Rhode Island state Sen. Donna Nesselbush (D-Pawtucket), who was first elected in 2010, has joined the growing number of senators who are not seeking re-election.

“It would not surprise me if we still see some others,” Nesselbush told The Public’s Radio in an interview.

Nesselbush said she began hearing an inner voice over recent months telling her it was time to leave the legislature, and that she wants to focus her time on other pursuits, including two books she’s working on, and being with her partner, Kelly Carse.

She quoted a Robert Frost poem, Stopping by Woods on a Snowy Evening, in announcing her decision on Twitter: “I have promises to keep and miles to go before I sleep.”

In deciding not to seek re-election, Nesselbush joins Judiciary Chairwoman Erin Lynch Prata of Warwick, Sen. James Sheehan of North Kingstown, and Sen. Adam Satchell of West Warwick, all Democrats.

The Rhode Island Political Cooperative, a progressive group, last year announced plans to target the 38-member Senate, where Republicans hold just five seats.

The growing number of departures adds an element of uncertainty to the future of the chamber.

A partner in the law firm of Marasco and Nesselbush, and the chief municipal judge in Pawtucket, Nesselbush called serving in the Senate a rewarding experience. At the same time, she said, the divisiveness of politics can be painful and frustrating.

Nesselbush took over the Senate seat formerly held by John F. McBurney III when she first won election in 2010.

She said she has heard rumors about who may run to succeed her, but does not know of actual candidates.

Meghan Kallman, who has served two terms representing Ward 5 in Pawtucket, was the first to declare as a candidate for the seat being vacated by Nesselbush.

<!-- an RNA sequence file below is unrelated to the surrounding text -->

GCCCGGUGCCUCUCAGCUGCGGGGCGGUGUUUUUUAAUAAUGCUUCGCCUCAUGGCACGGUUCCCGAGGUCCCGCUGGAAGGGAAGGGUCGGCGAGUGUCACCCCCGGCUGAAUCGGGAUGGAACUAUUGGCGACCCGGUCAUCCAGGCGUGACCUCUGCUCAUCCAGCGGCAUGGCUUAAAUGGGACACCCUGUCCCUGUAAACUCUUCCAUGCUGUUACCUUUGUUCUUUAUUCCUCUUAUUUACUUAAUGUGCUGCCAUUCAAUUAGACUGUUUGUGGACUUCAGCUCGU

In a statement, Kallman said "she has championed small business empowerment, economic justice, and affordable housing. Kallman is co-founder of Crash Pawtucket, an organization that showcases small businesses in partnership with community groups."

“It has been my honor to serve the residents of Pawtucket for the past four years,” Kallman said. “And I am committed to bringing the concerns of the people of Pawtucket and North Providence to the State House. It’s going to take all of us, working together, to build a strong and resilient Rhode Island. COVID-19 has brought challenges, but it has also shown our strength as a community. We must move forward together. We can’t leave working people behind or ignore the urgent need for living wages, safe housing, clean energy and healthcare.”

As far as the two books she’s working on, Nesselbush said one is a guide to the legal system for immigrants and the other is an account of how Rhode Island, considered the most Roman Catholic state in the nation, passed same-sex marriage into law in 2013.

In recent years, Nesselbush, with the outspoken Sen. Sam Bell (D-Providence), has emerged as a more frequent critic of Senate leadership.

She said disputes with leadership were not a factor in her decision against seeking re-election. Rather, she said, more debate is a vital part of democracy,

Ian Donnis can be reached at idonnis (at) ripr (dot) org